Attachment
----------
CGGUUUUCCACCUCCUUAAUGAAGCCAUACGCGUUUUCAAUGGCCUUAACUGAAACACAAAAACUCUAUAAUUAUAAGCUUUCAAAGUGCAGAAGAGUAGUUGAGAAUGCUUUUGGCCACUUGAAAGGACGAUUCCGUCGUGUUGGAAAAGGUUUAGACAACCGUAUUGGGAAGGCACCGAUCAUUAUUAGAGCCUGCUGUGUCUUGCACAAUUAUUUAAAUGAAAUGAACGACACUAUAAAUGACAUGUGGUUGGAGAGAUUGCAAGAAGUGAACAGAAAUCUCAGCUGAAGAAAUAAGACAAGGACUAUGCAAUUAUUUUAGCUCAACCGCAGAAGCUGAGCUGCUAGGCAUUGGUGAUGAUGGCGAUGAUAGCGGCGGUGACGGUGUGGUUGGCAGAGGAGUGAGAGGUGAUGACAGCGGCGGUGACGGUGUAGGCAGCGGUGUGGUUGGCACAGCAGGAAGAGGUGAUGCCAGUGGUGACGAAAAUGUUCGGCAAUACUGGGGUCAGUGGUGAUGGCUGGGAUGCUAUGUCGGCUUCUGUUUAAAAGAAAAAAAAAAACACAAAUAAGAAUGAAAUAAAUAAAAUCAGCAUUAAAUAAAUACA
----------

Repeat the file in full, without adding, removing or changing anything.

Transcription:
CGGUUUUCCACCUCCUUAAUGAAGCCAUACGCGUUUUCAAUGGCCUUAACUGAAACACAAAAACUCUAUAAUUAUAAGCUUUCAAAGUGCAGAAGAGUAGUUGAGAAUGCUUUUGGCCACUUGAAAGGACGAUUCCGUCGUGUUGGAAAAGGUUUAGACAACCGUAUUGGGAAGGCACCGAUCAUUAUUAGAGCCUGCUGUGUCUUGCACAAUUAUUUAAAUGAAAUGAACGACACUAUAAAUGACAUGUGGUUGGAGAGAUUGCAAGAAGUGAACAGAAAUCUCAGCUGAAGAAAUAAGACAAGGACUAUGCAAUUAUUUUAGCUCAACCGCAGAAGCUGAGCUGCUAGGCAUUGGUGAUGAUGGCGAUGAUAGCGGCGGUGACGGUGUGGUUGGCAGAGGAGUGAGAGGUGAUGACAGCGGCGGUGACGGUGUAGGCAGCGGUGUGGUUGGCACAGCAGGAAGAGGUGAUGCCAGUGGUGACGAAAAUGUUCGGCAAUACUGGGGUCAGUGGUGAUGGCUGGGAUGCUAUGUCGGCUUCUGUUUAAAAGAAAAAAAAAAACACAAAUAAGAAUGAAAUAAAUAAAAUCAGCAUUAAAUAAAUACA